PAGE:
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FringeReview UK 2018

Notes From the Field

Royal Court Theatre in Association with LIFT

Genre: Devised, New Writing, Political, Solo Performance, Theatre, Verbatim Theatre

Venue: Royal Court Jerwood Theatre Downstairs


Low Down

Notes From the Field written and performed by Anna Deavere Smith directed by Leonard Foglia is an envelope through which Smith filters testimony. Ann Hould Ward’s costumes are designed for swift changes. Marcus Shelby performs his own music with Leon Rothenberg’s discreet sound design; with lighting by Jules Fisher and Peggy Eisenhauer. The video design of Elaine J McCarthy explodes on occasion. Till June 23rd.


This is extraordinary. And it’s getting slightly longer, which can only be welcome. Rarely have two and a half hours passed so swiftly without a drop in energy or temperature. Notes From the Field written and performed by Anna Deavere Smith is the most immediate but also most condensed set of narratives about racial oppression and sheer murder in the U. S. committed to an audience. As Smith strikes her first official’s pose (‘Bad Bets’) you might wonder how many light-changes and backdrops can vary her delivery.


How Smith, famous from The West Wing, manages the shift from liberal academic through two Native Americans to Latino on parole to Finish educator through black historian and pastor is just the most remarkable technique of the evening. It’s one supported by harrowing video projections, light changes, stage managers moving on different sofas and chairs in a seamless flurry of backdrops. Naturally though it’s only the casing of a lived experience shuddered out. Smith has lived through the tellings, ordered and selected the interviews she was privileged to receive; several are online.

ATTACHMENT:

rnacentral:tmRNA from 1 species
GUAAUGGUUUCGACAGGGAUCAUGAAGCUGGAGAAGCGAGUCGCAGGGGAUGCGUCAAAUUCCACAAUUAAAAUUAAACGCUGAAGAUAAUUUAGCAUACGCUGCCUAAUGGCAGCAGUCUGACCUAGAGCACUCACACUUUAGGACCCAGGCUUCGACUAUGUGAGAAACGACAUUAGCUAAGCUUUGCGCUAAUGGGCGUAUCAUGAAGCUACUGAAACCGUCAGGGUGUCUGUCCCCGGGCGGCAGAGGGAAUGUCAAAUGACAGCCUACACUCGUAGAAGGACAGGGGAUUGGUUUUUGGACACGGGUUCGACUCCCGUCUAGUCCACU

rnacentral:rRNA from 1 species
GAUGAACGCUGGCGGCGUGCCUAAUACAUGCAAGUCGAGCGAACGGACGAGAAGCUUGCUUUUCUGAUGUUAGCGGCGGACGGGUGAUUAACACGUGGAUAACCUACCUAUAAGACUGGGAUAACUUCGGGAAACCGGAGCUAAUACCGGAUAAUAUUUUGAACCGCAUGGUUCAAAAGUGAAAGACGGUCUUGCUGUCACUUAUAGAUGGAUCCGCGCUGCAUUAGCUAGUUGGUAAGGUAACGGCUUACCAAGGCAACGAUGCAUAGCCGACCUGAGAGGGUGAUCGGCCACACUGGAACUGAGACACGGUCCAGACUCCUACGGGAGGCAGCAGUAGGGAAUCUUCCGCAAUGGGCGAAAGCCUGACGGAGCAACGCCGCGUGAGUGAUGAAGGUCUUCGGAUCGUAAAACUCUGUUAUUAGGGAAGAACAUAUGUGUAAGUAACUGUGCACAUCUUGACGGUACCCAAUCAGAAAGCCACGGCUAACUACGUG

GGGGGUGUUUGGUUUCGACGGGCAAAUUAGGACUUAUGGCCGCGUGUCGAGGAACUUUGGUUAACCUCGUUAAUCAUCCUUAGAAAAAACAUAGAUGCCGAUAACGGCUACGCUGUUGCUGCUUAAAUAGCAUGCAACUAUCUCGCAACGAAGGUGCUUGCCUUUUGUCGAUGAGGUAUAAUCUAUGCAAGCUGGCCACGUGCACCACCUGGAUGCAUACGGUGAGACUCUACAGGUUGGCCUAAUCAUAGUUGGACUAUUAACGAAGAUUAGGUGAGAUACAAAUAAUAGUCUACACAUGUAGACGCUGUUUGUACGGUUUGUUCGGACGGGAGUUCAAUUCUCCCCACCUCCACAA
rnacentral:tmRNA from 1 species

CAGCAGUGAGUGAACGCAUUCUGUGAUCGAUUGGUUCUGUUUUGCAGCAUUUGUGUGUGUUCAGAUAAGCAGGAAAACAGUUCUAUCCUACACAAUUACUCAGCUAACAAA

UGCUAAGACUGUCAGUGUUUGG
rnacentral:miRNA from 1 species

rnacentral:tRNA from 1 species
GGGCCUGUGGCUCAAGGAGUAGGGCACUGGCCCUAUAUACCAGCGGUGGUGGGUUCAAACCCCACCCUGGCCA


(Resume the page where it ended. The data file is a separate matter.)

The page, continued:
The word Smith picks up and starts with so frequently is ‘broken’. This culminates in the ante-penultimate scene, but we’re exposed to ‘broken system’ much earlier.


Much of the brokenness centres on prison or deprived towns, counterpointed inevitably with a full brief of academic witness. Some like the Finnish, are partly taken because it’s as if the foreigner confronted with horrendous footage – the violence shown to a fifteen-year-old schoolgirl in class and her classmate who filmed it, makes her wonder if the U. S. is Mars. There’s several testimonies like this. You laugh uneasily because horror and hearer are interwoven. The incredulous should make us incredible. It’s our belief that’s dulled, particularly with U. S. history.